Caribbean Medical School Pros & Cons



Medical school is insanely competitive. In the most recent data available from the AAMC, only about 41% of applicants were ultimately accepted to a U.S. medical school. Osteopathic D.O. schools have been gaining in popularity in recent years as well, forcing less competitive applicants to turn to Caribbean medical schools in pursuing their dreams to become a doctor.

It’s important to understand that the medical school you attend is not the final determinant in whether or not you’ll be a good physician. We know a great deal of highly impressive physicians who trained at Caribbean medical schools, and other physicians who trained in the U.S. who are not as impressive. That being said, we believe in full transparency and making educated decisions.

At Med School Insiders, we’re surprised how commonly Caribbean medical schools are suggested and recommended to pre-med applicants, without regard for the significant drawbacks. Is a Caribbean medical school right for you? Are there significant negative consequences? Who should and who should not apply to Caribbean medical schools? Here are the most pertinent pros and cons of going to medical school in the Caribbean.



1 | Less Competitive (& Higher Chance of Acceptance)

It’s no secret – the main reason and biggest benefit in attending a Caribbean medical school is that it’s less competitive than getting into a U.S. allopathic medical school. The average MCAT of matriculants in 2018-2019 was 511.2, and the average GPA was 3.65 and 3.80 for science and non-science, respectively. The average MCAT and GPA for Caribbean medical school matriculants is much lower. For this reason, the schools have been described as “second chance medical schools”, offering students a chance who would otherwise not be realistic candidates for U.S. MD or DO programs.

2 | Excellent Climate

Location-wise, the Caribbean is not the worst place to be. You’ll have warm, tropical climates to enjoy year-round, without having to worry about commuting in the snow. Not all United States medical schools can say the same.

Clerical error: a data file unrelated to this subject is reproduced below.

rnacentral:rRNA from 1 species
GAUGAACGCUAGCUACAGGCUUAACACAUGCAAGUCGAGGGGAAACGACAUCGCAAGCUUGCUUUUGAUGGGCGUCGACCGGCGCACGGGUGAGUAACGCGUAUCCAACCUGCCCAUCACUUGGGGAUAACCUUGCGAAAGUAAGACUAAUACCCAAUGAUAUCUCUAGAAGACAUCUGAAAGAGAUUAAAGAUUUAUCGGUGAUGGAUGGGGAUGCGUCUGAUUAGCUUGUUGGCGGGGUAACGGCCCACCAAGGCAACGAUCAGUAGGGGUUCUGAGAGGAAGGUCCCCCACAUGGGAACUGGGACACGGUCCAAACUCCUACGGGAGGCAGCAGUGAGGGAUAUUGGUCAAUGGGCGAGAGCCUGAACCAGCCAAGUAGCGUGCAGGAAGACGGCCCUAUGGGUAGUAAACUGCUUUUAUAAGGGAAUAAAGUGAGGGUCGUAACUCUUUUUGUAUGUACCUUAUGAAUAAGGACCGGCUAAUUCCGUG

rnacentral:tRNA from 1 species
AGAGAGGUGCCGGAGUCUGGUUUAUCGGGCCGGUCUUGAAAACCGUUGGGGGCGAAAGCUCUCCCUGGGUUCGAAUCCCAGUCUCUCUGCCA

3 | Rolling Admissions

In order to apply to U.S. medical schools, you must apply through AMCAS in a set timeframe. Caribbean schools, on the other hand practice a rolling admissions process, meaning you can apply throughout the year and matriculate shortly thereafter.



1 | Challenging to Match into a U.S. Residency

The NRMPregularly publishes the Match data for U.S. graduates as well as U.S. IMGs (international medical graduates). In 2018, 94.3 of U.S. medical school graduates successfully matched. In comparison, only 57.1% of U.S. IMGs were accepted to U.S. residency programs. The best Caribbean schools may reach 70% match rates on the higher end.

2 | Cut Throat and Less Supportive Culture

Most Caribbean medical schools are in the for-profit business, and profit as the bottom line is a major driver in their motivation. As a result, student support systems and student wellbeing is not as highly prioritized compared to many U.S. programs. In addition, you’re unlikely to find a collaborative atmosphere, given that you’re competing with one another to get a coveted U.S. residency position. Unsurprisingly, attrition rates are significantly higher at Caribbean medical schools.

3 | Limited Options in Terms of Specialty